Snakes and Funerals

and funerals

Not real snakes, of course, not like the bulging eyed fellow Debra Paget dances for in THE INDIAN TOMB (like the dragon in DIE NIBELUNGEN, his eyes are on the front of his head, human-style, an odd Langian trope) and not really a funeral, just a shot of a cemetery.

The subject, of course, is Fritz Lang’s MOONFLEET, enjoyed on a Friday as part of our weekly pleasure cruise through all things George Sanders-related.

“What genre is this?” I was asked. A male Gothic (small boy instead of young lady getting the pants scared off ’em), a land-based pirate movie, and a classic Hollywood throw-out-the-novel-and-have-some-fun swashbuckler. MGM’s much earlier TREASURE ISLAND (Wallace Beery version) might be the key model. The most interesting aspect is the dramatic irony where the young hero (Jon Whitely, the solemn little Scottish boy from THE KIDNAPPERS) doesn’t really understand anything that’s happening in the same way we do. He doesn’t get either that Stewart Granger is a bad man (good casting, there) or that he’s, by narrative inference, his father, or that he’s fatally wounded at the end.

RIP Jon Whitely, who died earlier this year

This should be more touching than it is, but I do find it somewhat moving. I suspect the emotions involved are not ones Lang had a particular interest in. He undersells anything that could be Spielbergian (a good thing too, some will think) and goes all in on the HORROR. He could have done a great TREASURE ISLAND himself.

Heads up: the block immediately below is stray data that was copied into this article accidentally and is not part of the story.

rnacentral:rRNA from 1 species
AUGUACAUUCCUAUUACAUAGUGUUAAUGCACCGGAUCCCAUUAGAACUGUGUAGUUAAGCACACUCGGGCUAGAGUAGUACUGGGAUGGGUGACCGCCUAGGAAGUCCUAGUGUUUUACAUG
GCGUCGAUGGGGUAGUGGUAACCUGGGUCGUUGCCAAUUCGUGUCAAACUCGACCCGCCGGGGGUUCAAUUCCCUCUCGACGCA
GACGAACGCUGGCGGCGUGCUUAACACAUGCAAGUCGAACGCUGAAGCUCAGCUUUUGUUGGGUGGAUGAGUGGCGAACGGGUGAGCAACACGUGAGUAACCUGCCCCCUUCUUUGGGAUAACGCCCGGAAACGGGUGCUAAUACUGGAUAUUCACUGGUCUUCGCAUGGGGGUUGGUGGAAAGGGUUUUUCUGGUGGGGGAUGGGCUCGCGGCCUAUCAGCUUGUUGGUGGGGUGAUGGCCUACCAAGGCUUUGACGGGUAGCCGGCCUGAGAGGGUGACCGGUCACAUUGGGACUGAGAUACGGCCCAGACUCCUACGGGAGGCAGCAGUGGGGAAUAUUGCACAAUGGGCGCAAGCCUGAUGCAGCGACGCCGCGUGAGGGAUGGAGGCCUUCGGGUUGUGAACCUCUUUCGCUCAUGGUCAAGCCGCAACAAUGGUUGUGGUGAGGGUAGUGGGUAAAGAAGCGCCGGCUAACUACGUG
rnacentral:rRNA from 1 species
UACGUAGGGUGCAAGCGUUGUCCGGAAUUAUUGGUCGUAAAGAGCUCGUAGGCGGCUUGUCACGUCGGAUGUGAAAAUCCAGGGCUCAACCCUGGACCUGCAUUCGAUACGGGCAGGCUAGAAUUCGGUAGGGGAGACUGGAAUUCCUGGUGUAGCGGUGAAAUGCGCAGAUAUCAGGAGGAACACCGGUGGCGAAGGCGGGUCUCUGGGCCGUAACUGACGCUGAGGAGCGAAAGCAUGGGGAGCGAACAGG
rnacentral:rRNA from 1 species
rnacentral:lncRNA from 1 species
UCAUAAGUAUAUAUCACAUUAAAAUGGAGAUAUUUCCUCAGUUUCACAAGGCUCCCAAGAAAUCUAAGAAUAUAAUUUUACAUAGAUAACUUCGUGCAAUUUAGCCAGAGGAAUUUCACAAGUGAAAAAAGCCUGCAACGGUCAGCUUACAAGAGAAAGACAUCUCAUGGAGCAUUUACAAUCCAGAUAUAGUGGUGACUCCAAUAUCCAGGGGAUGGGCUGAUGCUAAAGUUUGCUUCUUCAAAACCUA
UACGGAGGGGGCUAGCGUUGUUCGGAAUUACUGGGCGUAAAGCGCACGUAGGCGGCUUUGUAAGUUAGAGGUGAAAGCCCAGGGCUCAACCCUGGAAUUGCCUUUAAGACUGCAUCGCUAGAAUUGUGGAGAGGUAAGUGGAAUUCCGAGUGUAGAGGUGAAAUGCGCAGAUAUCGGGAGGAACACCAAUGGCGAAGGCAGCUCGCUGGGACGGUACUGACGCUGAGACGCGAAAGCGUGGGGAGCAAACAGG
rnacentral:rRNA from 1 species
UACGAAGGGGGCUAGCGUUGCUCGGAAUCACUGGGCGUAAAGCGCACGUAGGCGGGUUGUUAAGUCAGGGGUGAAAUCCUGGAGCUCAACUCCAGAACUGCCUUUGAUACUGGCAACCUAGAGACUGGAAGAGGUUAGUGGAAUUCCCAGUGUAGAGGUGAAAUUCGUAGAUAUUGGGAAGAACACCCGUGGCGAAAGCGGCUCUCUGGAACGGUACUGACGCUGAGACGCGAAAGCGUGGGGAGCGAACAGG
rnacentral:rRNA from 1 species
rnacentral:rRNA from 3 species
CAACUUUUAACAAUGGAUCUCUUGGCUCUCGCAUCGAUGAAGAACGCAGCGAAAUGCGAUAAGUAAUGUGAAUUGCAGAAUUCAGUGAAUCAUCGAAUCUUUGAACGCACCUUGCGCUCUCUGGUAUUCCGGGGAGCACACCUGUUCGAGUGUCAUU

Third from the right, Skelton Knaggs in his last role

And he finds some splendid uses for the screen ratio he affected to despise. Never take Lang at his word. When he seems most sincere, be suspicious. The serpent is most dangerous when it looks right at you.

MOONFLEET stars Scaramouche; Addison DeWitt; Sibella; Vellamo Toivonen; Harry, Jim’s Grandson; Musidora; High Sheriff of Nottingham; Maj. Kibbee; Alfred the butler; Cassius; Bunny Jones; Charlie Max; Angel Garcia; PTO; Sir Ivor; Finn – the mute; Nathan Radley; and Sir Roderick Femm.

7 Responses to “Snakes and Funerals”

  1. David Ehrenstein Says:

    The great, deeply strange “Cahiers du Cinema” critic Jean-Pierre Oudart based his theory of “La Suture” (an aspect of editing of Lacanian import) around “Moonfleet,” “The Tiger of Eschnapur/ The Hindu Tomb,” “Ivan the Terrible” and the work of Robert Bresson.

  2. Interesting! Lang is certainly a director for whom montage assumes gigantic import, and despite the colossal differences, he has something strange in common with Bresson, perhaps their shared fascination with objects?

    Lang and Eisenstein chatted on the set of Metropolis about the expressive import of montage versus camera movement… too bad nobody was taking shorthand notes on the exchange.

  3. How could you not mention the outrageous hairdos!

  4. Some of Walter Plunkett’s costumes are also on the extreme side. MGM always liked their period movies real colourful, which is part of the problem I have with their Three Musketeers.

  5. David Ehrenstein Says: